Friday, 31 August 2012

STC 1000

I posted this on the AHB forums a while ago, but forgot to put the details here.

A STC-1000 is a single set point digital temperature controller, it's cheap, easy to use, relatively easy to setup and a very useful bit of gear for a range of home brewing and other uses where precise temperature control is needed.  The controller has outputs for both heating and cooling (and will automatically switch between them as required) while cheaper but similar models are available that manually switch and control only the heating or cooling circuit.

A STC-1000 combined with a refrigerator/freezer and heating device (like a heating mat or even a light globe) can be used to control the temperature inside a fridge or freezer at temperature ranges outside what is provided by the internal thermostat.  This makes it ideal for fermenting beer or cheese maturing.  In electric powered breweries it can be used to control the temperature of the hot liquor or boil and even in a HERMS/RIMS system (but a PID is more accurate).  It can also be used with a hot water urn or similar water-heater to make yoghurt or cheese as well as a cheap and easy (but still very accurate) cooker for the increasingly popular sous-vide method of cooking.

There are various ways to setup and install a STC-1000, but the easiest way I have found is to use the plugs from an extension cord and then it's just a matter of housing it in an enclosure.  Obviously when dealing with mains electricity there are logical and legal reasons why this is not a good idea to do yourself.

This is what was used on the most recent (of 4) STC-1000's that I setup:
STC 1000 ($20 Ebay)
3 point terminal block ($1 for 12 point Ebay)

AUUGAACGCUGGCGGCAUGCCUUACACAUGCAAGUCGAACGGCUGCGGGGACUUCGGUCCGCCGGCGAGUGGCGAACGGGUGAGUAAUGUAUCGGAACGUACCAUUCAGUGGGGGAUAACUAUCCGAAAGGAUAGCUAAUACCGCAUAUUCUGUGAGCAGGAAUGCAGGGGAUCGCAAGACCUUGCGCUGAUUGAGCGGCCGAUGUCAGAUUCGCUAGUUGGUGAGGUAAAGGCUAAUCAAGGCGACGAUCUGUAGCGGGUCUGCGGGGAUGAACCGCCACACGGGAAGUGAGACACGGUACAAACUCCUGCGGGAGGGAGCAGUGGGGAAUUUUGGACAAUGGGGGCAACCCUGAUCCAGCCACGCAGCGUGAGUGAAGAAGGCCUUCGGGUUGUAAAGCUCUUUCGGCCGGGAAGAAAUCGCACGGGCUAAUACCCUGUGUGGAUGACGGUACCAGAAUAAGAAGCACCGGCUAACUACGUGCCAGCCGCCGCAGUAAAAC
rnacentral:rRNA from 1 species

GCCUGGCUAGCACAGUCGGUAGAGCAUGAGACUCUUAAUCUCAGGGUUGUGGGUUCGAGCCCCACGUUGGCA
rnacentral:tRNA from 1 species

3x PG11 cable glands ($6 for 20 Ebay)
2x 3m extension cords ($3 ea Kmart)
Enclosure (click-storage container $2.50 Coles) - a black jiffy/hobby box is most often used, especially if there are children around that might want to 'investigate' what essentially looks like a 'lunch box'.

A step-bit is useful to drill holes in enclosure for cable glands, and a drill bit for the temperature probe hole:
Cable glands are not essential, but they do look neater and are a little better than knotting the cable or using cable-ties.

The cut-out for mounting the STC 1000 is a little rough but it does not have to be perfect since it won't be seen:

Power cables are cut to length (don't make them too long or they get in the way) and wires are stripped:
The wire colours seen here correspond to the Australian standard for internal household devices.

Fit the cable glands, push the cables through, and attach the wires to the terminal block (the terminal block is not essential but it makes it quicker, neater and safer to setup), the earth and neutral pass through the terminal block and to the output cables:

When in operation the STC-1000 acts as a relay to switch on/off either the hot or cold side of the controller as required, so the active wire is switched via the controller's hot and cold termials:

Once that is done, ensure there is no tension on internal wires (and that they are securely attached) and mak things look neat before tightening the cable glands.  Cable-ties for are useful for tension-relief on temperature probe:

Then it's just a matter of attaching the lid (use tape or screws so it cannot come undone) and labeling the hot/cold cables:

The fridge or cooling device is plugged into the 'cooling' control, and the heat-mat, urn, HLT or other heating device  is plugged into the 'heating' control.  Once it's plugged in and turned on, the temperature can be set via the digital controller, and when the set point temperature is reached, the controller will turn on/off the heating or cooling controls as required in order to maintain the system at the set temperature.

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